Odd Fellows Home in Elkins

January 8, 2014 |

“We command you to visit the sick, relieve the distressed, bury the dead, and educate the orphan” – seal of the Independent Order of the Odd Fellows (IOOF).

CaptureFor part two click here.

We came across this video while researching the history of Elkins. It tells the story of James Blevin, who grew up in the Independent Order of Odd Fellows home in Elkins during the Great Depression, after his father died from injuries in a coal mine in the early 1930s. Henry Gassaway Davis helped finance the home and property, originally on 100 acres of land, but later expanded to almost 300 acres. The estate supported a dairy farm and fields for crops, including a large vegetable garden and fruit orchard, as well, for sustaining the less fortunate residents of the home.  The home was one of the largest buildings in Elkins when it was dedicated, in 1910, and eventually housed 200 rooms, originally costing $60,000. At its height, in the 1920s, the institution cared for 195 children, mostly orphans, and 10 elderly adults.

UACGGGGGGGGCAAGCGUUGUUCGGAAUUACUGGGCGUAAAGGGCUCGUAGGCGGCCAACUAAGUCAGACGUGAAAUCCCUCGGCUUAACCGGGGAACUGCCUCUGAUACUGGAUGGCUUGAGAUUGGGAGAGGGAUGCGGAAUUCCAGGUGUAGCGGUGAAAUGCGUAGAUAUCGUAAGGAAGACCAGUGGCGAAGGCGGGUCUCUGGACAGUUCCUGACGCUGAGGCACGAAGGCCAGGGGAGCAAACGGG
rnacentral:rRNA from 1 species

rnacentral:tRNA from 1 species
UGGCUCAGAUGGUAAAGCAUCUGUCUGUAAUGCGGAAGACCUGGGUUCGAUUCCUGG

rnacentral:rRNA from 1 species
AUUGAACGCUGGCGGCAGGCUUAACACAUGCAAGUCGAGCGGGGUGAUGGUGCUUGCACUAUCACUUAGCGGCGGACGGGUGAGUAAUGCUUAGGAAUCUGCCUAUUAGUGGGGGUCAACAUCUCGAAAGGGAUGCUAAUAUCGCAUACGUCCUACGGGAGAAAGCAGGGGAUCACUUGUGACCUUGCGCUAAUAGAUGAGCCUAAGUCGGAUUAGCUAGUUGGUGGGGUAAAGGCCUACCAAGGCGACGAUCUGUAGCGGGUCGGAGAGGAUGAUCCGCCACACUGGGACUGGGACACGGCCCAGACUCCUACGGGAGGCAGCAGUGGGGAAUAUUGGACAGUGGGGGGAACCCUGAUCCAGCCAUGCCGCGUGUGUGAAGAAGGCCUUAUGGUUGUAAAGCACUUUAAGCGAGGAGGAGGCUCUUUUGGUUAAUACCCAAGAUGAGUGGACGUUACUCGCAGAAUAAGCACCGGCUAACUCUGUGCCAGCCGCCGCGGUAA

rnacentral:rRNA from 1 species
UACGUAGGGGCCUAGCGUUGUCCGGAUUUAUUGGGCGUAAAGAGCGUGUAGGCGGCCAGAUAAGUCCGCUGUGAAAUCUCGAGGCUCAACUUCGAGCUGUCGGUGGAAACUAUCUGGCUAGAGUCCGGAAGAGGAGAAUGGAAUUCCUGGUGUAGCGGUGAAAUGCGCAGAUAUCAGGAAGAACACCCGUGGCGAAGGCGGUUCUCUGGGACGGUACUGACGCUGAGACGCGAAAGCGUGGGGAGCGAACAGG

Odd Fellows Home, Elkins, W. Va. 1910. Courtesy of the West Virginia and Regional History Collection, WVU.

After the introduction of social security, in the 1930s, charity homes for orphans and the elderly became less important to local communities. Over the years, the Odd Fellows Home in Elkins began to deteriorate and the number of residents dwindled. It was refurbished in the 1980s, and as of 2010 the house only cared for five individuals, all elderly. In September 2010, the home celebrated its 100th anniversary. More can be read about the home and the anniversary here.

Karl Dewey Myers, former poet laureate of West Virginia, is buried at the I.O.O.F. cemetery in Elkins. Traveling 219 did a story on the tragic life and death of Karl Dewey Myers, which can be found here: http://www.traveling219.com/stories/deep-creek-lake-elkins/finding-dewey-the-search-for-west-virginias-first-poet-laureate-along-the-backroads-of-us-219/


Category: Blog, Collections, Elkins to Marlinton, History, Stories

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